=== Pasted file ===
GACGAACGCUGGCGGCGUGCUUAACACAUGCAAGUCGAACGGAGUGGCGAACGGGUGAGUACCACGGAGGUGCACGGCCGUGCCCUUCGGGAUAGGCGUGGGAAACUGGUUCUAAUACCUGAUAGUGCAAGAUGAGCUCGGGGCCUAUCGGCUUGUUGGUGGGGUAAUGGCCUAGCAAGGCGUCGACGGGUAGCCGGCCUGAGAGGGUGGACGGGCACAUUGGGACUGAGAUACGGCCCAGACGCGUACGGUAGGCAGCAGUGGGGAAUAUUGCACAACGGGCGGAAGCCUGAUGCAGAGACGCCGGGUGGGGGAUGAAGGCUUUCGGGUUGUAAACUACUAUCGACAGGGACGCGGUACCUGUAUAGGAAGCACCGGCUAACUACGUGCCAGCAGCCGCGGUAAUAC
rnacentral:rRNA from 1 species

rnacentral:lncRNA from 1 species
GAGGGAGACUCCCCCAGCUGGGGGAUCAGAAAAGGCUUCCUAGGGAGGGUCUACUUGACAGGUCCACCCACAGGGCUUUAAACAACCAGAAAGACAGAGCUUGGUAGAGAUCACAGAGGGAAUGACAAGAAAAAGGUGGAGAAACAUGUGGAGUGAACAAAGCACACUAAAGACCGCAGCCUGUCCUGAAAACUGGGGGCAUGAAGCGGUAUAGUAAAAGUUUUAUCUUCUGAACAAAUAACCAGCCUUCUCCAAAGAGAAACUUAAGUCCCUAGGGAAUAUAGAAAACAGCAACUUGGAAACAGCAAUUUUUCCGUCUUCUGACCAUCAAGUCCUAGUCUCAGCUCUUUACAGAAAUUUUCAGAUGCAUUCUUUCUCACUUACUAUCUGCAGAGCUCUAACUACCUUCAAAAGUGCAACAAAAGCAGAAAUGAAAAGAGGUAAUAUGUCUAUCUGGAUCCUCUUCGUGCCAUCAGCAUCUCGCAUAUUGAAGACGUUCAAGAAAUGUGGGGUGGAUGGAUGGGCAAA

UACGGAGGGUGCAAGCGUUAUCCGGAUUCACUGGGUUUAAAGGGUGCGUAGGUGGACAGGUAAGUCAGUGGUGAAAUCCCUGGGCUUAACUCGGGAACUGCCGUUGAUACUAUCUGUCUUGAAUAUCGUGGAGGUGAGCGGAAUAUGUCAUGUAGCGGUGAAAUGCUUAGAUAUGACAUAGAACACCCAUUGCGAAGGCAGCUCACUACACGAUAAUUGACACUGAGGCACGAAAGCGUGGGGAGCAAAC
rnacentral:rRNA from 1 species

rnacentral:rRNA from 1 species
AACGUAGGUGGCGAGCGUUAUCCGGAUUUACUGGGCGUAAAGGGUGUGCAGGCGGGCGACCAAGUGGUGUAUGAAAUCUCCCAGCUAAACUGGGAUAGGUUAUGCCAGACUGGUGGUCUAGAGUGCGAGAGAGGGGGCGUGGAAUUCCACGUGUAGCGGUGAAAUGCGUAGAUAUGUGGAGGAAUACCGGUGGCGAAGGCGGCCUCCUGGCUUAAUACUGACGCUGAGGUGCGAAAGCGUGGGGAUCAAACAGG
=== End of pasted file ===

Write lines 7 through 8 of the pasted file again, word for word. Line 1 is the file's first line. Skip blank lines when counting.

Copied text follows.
rnacentral:rRNA from 1 species
AACGUAGGUGGCGAGCGUUAUCCGGAUUUACUGGGCGUAAAGGGUGUGCAGGCGGGCGACCAAGUGGUGUAUGAAAUCUCCCAGCUAAACUGGGAUAGGUUAUGCCAGACUGGUGGUCUAGAGUGCGAGAGAGGGGGCGUGGAAUUCCACGUGUAGCGGUGAAAUGCGUAGAUAUGUGGAGGAAUACCGGUGGCGAAGGCGGCCUCCUGGCUUAAUACUGACGCUGAGGUGCGAAAGCGUGGGGAUCAAACAGG